Fresh Tomato-Basil Gratin

September 7, 2007


With this basic gratin formula, you can make any number of vegetable, meat, or fish casseroles. This version is a delightful way to finish out the summer’s tomatoes and basil. And, it’s bound to please any vegetarians you might be feeding. SAM

3 tablespoons olive oil, divided
1 1/2 pounds sweet onions, thinly sliced (4 medium)
2 pounds tomatoes, peeled, seeded, and roughly chopped (5 medium)
1 bay leaf
1 tablespoon marsala wine
3 ounces log goat’s cheese
3 ounces water
4 ounces feta cheese, crumbled
2 eggs, lightly beaten
1/4 cup torn, loosely packed fresh basil leaves
1/4 cup chopped parsley
1/2 cup plus 1 tablespoon unseasoned breadcrumbs, divided
Sea salt and freshly ground white pepper to taste

Preheat the oven to 375 degrees F. Lightly grease a 2-quart baking dish and set aside. In a large chef’s pan over low heat, sweat the onions in 1 tablespoon olive oil until soft, stirring occasionally, about 30 minutes. In a medium chef’s pan over medium-high heat, sauté the tomatoes and bay leaf in 1 tablespoon oil, stirring frequently, until liquid is slightly reduced, about 10 minutes. Add the wine and reduce, about 2 minutes. Discard the bay leaf. In a small saucepan over very low heat, combine the goat’s cheese and water, stirring until melted. In a medium mixing bowl, combine the onions, tomatoes, feta, goat’s cheese mixture, eggs, basil, parsley, and 1/2 cup breadcrumbs. Season with salt and pepper. Turn into the prepared gratin pan and sprinkle with the remaining breadcrumbs and remaining 1 tablespoon oil. Bake for 50 minutes or until browned.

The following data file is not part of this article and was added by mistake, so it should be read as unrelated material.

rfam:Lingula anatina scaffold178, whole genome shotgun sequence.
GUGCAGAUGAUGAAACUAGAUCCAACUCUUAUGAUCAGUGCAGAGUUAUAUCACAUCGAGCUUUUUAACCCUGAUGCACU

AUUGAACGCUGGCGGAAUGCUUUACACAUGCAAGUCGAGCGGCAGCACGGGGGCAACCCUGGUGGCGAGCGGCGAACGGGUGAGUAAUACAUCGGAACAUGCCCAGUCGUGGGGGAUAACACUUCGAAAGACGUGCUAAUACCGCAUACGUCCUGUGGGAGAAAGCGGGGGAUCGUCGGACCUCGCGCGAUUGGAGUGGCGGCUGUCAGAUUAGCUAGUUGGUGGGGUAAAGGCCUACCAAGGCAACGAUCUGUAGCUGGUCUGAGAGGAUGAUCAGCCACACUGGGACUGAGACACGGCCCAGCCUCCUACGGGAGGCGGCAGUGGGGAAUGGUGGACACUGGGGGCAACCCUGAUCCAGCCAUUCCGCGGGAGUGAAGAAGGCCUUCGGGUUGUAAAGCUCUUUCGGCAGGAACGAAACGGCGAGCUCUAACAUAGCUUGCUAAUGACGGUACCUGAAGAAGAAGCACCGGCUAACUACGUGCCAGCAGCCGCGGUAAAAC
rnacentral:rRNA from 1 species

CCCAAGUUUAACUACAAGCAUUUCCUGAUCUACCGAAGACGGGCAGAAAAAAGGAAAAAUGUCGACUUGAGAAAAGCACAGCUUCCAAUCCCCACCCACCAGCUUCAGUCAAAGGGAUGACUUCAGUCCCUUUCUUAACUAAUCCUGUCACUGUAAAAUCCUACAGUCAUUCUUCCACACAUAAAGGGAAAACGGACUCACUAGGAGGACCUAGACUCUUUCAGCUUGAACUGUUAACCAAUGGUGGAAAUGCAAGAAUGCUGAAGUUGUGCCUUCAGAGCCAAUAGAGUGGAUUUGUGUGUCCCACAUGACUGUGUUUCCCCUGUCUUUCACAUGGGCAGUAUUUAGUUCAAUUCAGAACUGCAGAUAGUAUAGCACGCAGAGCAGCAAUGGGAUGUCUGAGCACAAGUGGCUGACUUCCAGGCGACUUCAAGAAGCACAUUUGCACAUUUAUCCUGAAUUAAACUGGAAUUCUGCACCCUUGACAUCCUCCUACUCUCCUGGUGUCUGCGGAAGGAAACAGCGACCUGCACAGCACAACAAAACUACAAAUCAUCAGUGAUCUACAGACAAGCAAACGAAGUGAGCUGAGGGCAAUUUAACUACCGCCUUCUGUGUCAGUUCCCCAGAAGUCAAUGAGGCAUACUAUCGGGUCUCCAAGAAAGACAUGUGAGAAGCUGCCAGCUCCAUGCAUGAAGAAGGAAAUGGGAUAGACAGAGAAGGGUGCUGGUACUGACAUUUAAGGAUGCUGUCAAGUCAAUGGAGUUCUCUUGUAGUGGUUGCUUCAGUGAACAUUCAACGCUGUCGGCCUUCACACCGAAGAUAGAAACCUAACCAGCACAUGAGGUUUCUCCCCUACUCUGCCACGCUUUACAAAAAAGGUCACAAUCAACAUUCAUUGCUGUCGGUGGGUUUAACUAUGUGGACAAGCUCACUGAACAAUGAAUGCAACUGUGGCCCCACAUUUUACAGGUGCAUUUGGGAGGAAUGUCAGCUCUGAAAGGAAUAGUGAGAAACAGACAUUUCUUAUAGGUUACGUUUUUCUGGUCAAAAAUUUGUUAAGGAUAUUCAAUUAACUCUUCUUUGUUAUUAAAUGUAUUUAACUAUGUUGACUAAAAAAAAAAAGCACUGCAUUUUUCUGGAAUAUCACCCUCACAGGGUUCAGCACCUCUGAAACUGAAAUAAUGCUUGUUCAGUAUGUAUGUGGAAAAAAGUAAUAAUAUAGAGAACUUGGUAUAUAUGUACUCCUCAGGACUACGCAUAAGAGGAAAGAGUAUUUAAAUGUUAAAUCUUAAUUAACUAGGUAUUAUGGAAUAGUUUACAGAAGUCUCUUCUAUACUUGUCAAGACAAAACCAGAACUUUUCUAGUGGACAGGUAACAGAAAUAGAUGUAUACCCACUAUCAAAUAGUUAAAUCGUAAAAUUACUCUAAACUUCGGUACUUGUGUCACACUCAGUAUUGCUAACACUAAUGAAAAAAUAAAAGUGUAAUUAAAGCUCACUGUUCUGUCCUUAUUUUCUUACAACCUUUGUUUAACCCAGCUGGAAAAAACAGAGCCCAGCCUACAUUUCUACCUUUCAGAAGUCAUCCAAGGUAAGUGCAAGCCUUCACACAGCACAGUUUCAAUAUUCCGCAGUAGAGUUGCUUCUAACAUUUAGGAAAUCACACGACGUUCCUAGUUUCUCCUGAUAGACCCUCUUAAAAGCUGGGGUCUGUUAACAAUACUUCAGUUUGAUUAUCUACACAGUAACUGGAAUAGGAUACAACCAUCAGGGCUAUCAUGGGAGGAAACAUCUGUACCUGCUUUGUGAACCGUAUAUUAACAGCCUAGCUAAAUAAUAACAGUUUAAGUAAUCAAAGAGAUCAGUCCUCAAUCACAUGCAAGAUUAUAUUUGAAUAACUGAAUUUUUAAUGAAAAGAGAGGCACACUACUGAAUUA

Makes 2 main or 4 side servings.

Pesto Flatbread

July 12, 2007


You know that dreamy feeling you get when you bite into something and you think, ‘I could eat this every day for the rest of my life’? That’s what Pesto Flatbread does for me. Honest, I’m not kidding. I could eat this every day. SAM

2 cups all-purpose, high-gluten flour [do NOT use soft-wheat flour]
1 tablespoon stone-ground cornmeal
1/4 teaspoon sea salt [preferably Guerande fleur de sel]
3 tablespoons olive oil, divided
3/4 cup warm water
3 to 6 tablespoons basil pesto

Place a large pizza stone on the middle shelf of the oven and preheat to 550 degrees F. In a food processor fitted with the plastic blade, combine the flour, cornmeal, and salt. With the processor running, slowly pour in 1 tablespoon olive oil, then just enough water to form a ball.

Cut two 12-inch rounds of parchment paper and place on two pizza peels. Knead the dough two or three times and cut in half. On a lightly floured pastry board, roll or stretch each half into a 10-inch round and transfer to the parchment paper. Spread evenly with the remaining 2 tablespoons oil. Slide the flatbread and parchment paper onto the stone and bake for 9 to 10 minutes or until lightly browned. Allow the flatbread to cool for 3 or 4 minutes; then spread each round with 3 to 4 tablespoons of pesto.
Makes two 10-inch rounds.


July 11, 2007


Basil originated in India, where the type called ‘Thulasi’ is still considered holy. In ancient Greece, it was the royal herb, fit only for kings. Legend has it that basil wards off snakes and scorpions, keeps lovers faithful, and opens the gates of heaven to the dearly departed. One bite of this basil pesto and you’ll be a believer. SAM

2 ounces pine nuts
2 ounces fresh sweet basil
3 cloves garlic, pressed
2 tablespoons grated Parmesan
2 tablespoons olive oil

In a small dry skillet over very low heat, toast the pine nuts until lightly browned, shaking frequently to prevent burning. Transfer to a counter top to cool. In a medium mixing bowl, combine the pine nuts, basil, garlic, Parmesan, and oil. Pulse with an immersion blender until smooth.
Makes 1 cup.